Kids in tough areas benefit from foreign missionaries

Florida resident Blanca Morales jumps rope with girls at the Escuela Cristiana Linda Vista de Rio Azul. She and her group from Brandon, Florida, are among the hundreds of foreigners who come here each year as missionaries to do good works.

In the middle of Linda Vista in Tres Rios, amid the gangs and crime infestation, is a safe house for youth called Escuela Cristiana Linda Vista de Rio Azul.

This Christian school is one of six in Costa Rica. The others are located in equally challenged neighborhoods in Los Guido, Torremolinos, Limón, Barranca and Los Cuadros.

All the schools are made possible through the Fundación PIEDAD and U.S. Latin America Childcare. The children who attend come from poverty. Many live in broken homes where the mother or father is absent due to death, drug abuse or incarceration, said representatives.

During chapel, one student described how his only family was his grandmother and that he is grateful for the support that comes from the school because it gives him hope.

School days are broken into two sessions, and approximately 500 children from preschool to sixth grade attend each day. Students learn regular subjects but also have Bible lessons. They sing and pray during chapel everyday. Everything, including a breakfast on Monday and a daily lunch, is free.

A.M. Costa Rica/Kayla Pearson
Brent Simpson, pastor of a Brandon, Florida, Assembly of
God congregation, passes out candy to students as they leave

For many children, this is the only meal they eat. The school used to only offer lunch, but the smaller children were coming in famished from not eating over the weekend, so the school began serving breakfast at the start of the week, said Josh Amoit from the Assembly of God’s mission organization.

To supplement the cost, the organization gets sponsorships from U. S. citizens. A person donates $32 a month to go towards education, food and medical care.

“We really believe in education and Christian values to change the lives of the children here,” said Mary Mahon, a missionary at the six schools.

The early childhood program is sponsored by the government through the Red de Cuido. It is a network of care for mothers who are in extreme poverty and are going back to school or back to work.

“We don’t babysit, we form lives,” said Ms. Mahon.

However, the credit for the atmosphere goes to the professionals who work everyday with these youth, said staff.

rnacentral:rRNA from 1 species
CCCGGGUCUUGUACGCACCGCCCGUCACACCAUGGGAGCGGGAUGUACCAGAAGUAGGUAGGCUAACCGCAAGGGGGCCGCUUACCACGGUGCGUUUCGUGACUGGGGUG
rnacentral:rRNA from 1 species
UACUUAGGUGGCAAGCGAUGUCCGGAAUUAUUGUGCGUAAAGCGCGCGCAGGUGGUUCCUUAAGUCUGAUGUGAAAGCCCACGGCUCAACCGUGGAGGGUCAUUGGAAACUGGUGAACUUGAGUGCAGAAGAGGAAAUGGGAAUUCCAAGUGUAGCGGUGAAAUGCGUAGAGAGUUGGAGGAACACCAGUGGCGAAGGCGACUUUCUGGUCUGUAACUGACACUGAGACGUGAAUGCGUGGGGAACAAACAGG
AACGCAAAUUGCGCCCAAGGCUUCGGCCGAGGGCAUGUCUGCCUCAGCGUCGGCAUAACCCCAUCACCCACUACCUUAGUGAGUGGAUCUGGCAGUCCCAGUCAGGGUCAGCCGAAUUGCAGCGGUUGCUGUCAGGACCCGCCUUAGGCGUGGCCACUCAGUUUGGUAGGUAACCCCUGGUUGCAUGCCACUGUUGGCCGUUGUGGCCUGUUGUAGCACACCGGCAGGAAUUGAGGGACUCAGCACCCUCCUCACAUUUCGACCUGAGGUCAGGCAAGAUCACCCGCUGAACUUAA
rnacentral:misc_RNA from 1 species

“The teacher and director are the real heros. They work hard, and they just do miracles with these kids. Some of their stories are incredible,” said Ms. Mahon.

According to Ms. Mohon, many of the young girls who attend have been abused and molested in their home. She described a day when the director of the school, Coralia Bonilla, told her of three students who confessed they had been molested in just one week. Only one of these students sought out help from the police, she said.

“Moms usually talk them out of reporting. A lot of times the mother has been through the same thing, and they think they got through it,” said Ms. Mahon.

“The mother feels powerless because the man is a financial contributer to the home,” she added.

The California native has been doing missionary work for 24 years. She started a school like Escuela Cristiana in El Pauji, Venezuela, called Unidad Educativa Arnoldo Gabaldon.

For two years, she has operated a girl empowerment club called Chicas de Promisa across the street from the school. It is a house that is open a few days out of the week, and close to 60 young ladies in fifth and sixth grades come to play games, study, and do crafts until their mothers come to pick them up, she said

“About 70 girls have gone through the program, and they are welcome to come back. My thought is as long as they stay in school, they can keep visiting. I want to help them stay in school and not get pregnant. Those are my two goals,” said Ms. Mahon.

So far the program has had a positive impact.

“It used to be twice a week that girls were coming and saying they had been molested, but now not as many. Something is helping them not be victims,” said Ms. Mahon.

She is working toward having the school open from 7 a.m. to 7 p.m. This way it will be a safe place available for girls before and after school, while their caregiver is at work.

“Right now we work with a lot of projects. My goal is to raise enough to hire staff full-time and buy our house,” she said.

Latin American Child Care has three concepts: compassion, education and transformation. It was founded in 1963 and is present in 21 countries, and the mission is to spread the gospel while providing life skills for the future.

Every year missionaries come through to help with projects. According to Amiot, his organization has had eight groups visit between May and August of this year. Most of the teams come from universities to help with a ministry at the Universidad de Costa Rica and other schools.

This last was a mixed adult and youth group from Brandon, Florida. It was the church’s second mission trip. They were lead by their pastor, Brent Simpson, and prepared skits, testimonies and a video drama to present to the children in Linda Vista.

“As a teacher, I was overwhelmed, but I was very happy to be with kids less fortunate than us,” said visitor Blanca Morales. It was a great experience and this afternoon it was awesome to minister to girls. They are trying their best to protect them from sex trafficking and other evils. We just wanted to bring energy and share our love for Christ. There are great things out there for them.”

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